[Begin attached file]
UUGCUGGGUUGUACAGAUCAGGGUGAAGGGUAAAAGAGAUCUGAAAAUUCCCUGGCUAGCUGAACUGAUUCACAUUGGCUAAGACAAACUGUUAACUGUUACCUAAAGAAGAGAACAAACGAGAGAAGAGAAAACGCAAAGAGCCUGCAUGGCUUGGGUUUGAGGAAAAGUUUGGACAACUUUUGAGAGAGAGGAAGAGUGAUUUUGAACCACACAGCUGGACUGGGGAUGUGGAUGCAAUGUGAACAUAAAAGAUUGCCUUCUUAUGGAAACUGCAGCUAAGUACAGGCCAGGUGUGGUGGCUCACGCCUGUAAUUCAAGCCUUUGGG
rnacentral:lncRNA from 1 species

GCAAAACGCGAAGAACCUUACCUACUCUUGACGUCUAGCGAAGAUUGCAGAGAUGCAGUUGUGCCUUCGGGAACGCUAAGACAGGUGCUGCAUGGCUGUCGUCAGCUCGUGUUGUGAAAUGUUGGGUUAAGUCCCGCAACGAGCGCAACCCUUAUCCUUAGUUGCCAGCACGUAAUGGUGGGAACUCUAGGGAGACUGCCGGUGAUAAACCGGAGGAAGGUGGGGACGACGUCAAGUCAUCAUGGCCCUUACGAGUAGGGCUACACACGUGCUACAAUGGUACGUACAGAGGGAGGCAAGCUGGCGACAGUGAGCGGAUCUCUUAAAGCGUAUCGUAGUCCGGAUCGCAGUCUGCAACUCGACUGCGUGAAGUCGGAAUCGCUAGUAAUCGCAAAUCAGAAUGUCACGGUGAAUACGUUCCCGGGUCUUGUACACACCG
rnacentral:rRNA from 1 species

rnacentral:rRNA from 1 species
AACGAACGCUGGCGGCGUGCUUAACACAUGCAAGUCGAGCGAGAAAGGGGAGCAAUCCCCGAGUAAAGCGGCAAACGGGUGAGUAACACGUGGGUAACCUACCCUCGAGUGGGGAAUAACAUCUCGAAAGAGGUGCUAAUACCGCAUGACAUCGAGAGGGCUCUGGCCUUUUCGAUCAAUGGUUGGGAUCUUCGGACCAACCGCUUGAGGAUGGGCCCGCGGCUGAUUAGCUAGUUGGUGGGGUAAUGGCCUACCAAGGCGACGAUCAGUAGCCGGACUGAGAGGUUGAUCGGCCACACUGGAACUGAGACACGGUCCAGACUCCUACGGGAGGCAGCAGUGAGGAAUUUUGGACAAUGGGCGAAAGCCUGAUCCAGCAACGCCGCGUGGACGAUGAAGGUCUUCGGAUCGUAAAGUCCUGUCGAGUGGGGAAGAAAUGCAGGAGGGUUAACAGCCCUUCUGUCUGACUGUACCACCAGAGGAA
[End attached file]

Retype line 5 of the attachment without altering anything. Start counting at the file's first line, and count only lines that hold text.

rnacentral:rRNA from 1 species